There are a large number of programs for the countries of East Asia. If you are an American citizen and are a new university graduate (or will be next year), you are eligible for programs to teach English abroad or to engage in study/research programs. Professors should circulate this information to students.
If you are an American scholar, there are many research and teaching opportunities.
Awards generally cover all expenses (including airfare) and include stipends.
I have attached three introductory documents to this message.
You can find all of the programs here: http://www.iie.org/fulbright.
The announcements for the next round of programs have just come out. Many of the deadlines are August 1.
Major Translation Opportunity: Jin and Liu, Studies in the History of Ideas: The Formation of Important Modern Chinese Political Terms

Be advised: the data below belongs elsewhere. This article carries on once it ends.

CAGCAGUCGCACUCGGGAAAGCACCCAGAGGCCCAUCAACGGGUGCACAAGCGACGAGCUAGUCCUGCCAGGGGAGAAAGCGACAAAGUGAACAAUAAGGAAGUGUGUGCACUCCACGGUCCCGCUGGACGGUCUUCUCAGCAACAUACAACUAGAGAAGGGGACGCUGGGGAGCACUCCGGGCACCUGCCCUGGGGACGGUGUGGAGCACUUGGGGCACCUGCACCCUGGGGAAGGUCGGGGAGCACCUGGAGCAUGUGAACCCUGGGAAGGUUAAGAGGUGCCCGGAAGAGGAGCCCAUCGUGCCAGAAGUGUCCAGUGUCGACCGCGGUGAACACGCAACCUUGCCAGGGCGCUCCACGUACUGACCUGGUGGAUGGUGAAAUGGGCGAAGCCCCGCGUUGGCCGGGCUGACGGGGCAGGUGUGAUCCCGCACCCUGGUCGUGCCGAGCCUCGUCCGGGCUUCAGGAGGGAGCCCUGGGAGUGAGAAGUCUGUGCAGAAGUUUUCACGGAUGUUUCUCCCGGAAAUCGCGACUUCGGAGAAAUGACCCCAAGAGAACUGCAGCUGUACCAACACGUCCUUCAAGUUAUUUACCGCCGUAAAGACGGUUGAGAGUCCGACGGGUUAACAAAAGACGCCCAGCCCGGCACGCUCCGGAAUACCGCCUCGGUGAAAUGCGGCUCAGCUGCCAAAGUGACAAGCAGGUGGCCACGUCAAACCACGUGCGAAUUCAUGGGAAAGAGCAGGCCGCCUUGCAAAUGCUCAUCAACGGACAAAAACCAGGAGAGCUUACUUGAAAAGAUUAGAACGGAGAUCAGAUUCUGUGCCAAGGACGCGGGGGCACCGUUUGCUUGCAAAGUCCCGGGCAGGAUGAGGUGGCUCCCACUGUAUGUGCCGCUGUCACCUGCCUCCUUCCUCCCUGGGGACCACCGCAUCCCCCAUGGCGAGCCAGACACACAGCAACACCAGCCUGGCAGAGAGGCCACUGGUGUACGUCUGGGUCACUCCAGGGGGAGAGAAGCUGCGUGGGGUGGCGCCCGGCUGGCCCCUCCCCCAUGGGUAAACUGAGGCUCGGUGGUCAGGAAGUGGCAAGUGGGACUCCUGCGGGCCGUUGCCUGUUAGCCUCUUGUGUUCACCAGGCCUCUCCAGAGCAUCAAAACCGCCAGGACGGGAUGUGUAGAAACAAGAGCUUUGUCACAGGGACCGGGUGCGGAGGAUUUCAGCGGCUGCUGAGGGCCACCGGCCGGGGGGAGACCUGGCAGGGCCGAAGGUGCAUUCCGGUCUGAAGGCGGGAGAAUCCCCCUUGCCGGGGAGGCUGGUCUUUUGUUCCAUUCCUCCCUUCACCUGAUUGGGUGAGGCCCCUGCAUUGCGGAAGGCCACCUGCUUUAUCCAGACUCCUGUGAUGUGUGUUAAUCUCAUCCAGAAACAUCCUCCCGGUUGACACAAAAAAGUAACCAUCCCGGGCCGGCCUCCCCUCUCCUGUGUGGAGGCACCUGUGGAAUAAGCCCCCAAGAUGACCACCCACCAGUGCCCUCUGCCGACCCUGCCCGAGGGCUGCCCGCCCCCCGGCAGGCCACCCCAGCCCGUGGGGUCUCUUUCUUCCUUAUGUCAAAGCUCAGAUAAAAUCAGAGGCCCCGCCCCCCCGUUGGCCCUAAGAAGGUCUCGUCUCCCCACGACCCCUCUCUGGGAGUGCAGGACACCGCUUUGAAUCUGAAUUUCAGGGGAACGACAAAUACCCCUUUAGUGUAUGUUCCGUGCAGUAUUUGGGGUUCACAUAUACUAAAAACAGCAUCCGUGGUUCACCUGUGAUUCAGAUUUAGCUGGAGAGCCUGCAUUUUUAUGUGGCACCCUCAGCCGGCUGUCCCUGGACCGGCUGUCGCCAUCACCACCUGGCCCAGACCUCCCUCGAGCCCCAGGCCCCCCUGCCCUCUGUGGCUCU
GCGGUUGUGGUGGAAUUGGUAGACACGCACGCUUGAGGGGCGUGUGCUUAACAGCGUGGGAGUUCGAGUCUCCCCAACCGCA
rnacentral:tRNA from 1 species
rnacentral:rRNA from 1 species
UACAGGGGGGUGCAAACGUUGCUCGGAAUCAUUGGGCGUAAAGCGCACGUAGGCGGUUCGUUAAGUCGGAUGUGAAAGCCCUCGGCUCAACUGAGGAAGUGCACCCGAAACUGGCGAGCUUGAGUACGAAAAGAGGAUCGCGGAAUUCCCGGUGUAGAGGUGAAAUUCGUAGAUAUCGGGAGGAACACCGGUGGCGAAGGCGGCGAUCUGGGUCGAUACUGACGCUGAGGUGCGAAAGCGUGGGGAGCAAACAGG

Please read on for on opportunity to earn USD $25,000 as part of a book translation project.
Penn State Summer Institute in Asian Studies
The Pennsylvania State University invites applications for a week-long fellowship to participate in the inaugural Penn State Summer Institute in Asian Studies. To be held June 1 -7, 2014, on the theme of “Reading and Textual Production in Early Modern China,” the Summer Institute welcomes applicants interested in reading primary and secondary sources on its annual theme, in workshopping and discussing their own research, and in exploring the latest scholarship in their field. This year?s Institute will be led by On-cho Ng (Penn State), Kai-wing Chow (U of Illinois) and Hung-lam Chu (Hong Kong Polytechnic U).
Continue reading “Penn State Summer Institute in Asian Studies”
Nanyang Technological University is offering Postdoctoral Fellowships in interdisciplinary humanities; philosophy is one of the disciplines listed, and Chinese philosophy is a strength of NTU (located in Singapore).